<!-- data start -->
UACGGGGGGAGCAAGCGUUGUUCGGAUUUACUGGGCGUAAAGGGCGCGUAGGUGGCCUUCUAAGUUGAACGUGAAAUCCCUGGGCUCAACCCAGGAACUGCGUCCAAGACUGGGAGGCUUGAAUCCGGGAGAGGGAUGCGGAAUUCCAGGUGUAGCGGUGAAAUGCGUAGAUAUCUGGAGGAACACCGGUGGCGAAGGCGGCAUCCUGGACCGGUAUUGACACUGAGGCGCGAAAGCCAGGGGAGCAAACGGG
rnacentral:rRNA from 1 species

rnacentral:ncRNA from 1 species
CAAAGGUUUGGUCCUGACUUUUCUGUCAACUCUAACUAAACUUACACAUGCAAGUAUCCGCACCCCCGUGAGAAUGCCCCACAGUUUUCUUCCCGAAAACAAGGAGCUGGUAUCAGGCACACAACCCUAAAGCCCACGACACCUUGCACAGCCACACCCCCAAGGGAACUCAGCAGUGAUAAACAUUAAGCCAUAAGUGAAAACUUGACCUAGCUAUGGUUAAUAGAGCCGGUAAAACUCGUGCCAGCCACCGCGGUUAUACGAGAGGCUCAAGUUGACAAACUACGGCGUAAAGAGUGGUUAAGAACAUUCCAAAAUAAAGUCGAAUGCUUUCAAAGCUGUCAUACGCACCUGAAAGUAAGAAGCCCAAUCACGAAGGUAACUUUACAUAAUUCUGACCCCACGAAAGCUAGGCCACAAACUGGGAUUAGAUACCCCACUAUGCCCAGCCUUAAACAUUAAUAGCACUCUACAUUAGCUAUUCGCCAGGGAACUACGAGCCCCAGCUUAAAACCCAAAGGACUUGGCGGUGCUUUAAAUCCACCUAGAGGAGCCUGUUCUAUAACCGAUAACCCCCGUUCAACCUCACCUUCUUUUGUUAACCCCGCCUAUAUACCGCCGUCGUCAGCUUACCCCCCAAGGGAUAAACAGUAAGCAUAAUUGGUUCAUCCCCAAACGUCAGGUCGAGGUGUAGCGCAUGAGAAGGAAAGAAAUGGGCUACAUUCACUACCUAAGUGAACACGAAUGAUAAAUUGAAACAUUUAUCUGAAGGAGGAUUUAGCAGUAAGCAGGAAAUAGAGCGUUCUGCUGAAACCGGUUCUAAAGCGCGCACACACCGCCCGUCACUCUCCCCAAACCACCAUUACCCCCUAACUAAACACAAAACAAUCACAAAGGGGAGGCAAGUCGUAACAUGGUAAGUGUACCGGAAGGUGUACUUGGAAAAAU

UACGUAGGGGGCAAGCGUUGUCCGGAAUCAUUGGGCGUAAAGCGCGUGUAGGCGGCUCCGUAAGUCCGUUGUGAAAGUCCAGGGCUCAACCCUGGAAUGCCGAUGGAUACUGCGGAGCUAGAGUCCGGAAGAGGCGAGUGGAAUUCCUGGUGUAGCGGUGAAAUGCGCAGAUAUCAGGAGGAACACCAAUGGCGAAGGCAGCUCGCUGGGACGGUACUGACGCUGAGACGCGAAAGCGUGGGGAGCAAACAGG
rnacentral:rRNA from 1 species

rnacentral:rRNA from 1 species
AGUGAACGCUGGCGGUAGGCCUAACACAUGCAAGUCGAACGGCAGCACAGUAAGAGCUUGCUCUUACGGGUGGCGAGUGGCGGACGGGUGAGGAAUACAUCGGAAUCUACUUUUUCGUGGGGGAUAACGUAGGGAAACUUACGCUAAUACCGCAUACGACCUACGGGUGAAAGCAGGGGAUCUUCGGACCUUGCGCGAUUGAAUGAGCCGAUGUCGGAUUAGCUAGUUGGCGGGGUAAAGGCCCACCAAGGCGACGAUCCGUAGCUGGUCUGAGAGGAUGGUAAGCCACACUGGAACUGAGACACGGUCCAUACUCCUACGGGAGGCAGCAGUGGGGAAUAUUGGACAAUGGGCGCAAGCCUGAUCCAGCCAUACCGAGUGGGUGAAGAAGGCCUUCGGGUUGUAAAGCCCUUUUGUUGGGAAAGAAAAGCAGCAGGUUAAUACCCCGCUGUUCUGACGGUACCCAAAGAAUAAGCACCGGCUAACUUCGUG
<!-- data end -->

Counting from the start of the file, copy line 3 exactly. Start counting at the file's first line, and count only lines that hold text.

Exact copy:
rnacentral:ncRNA from 1 species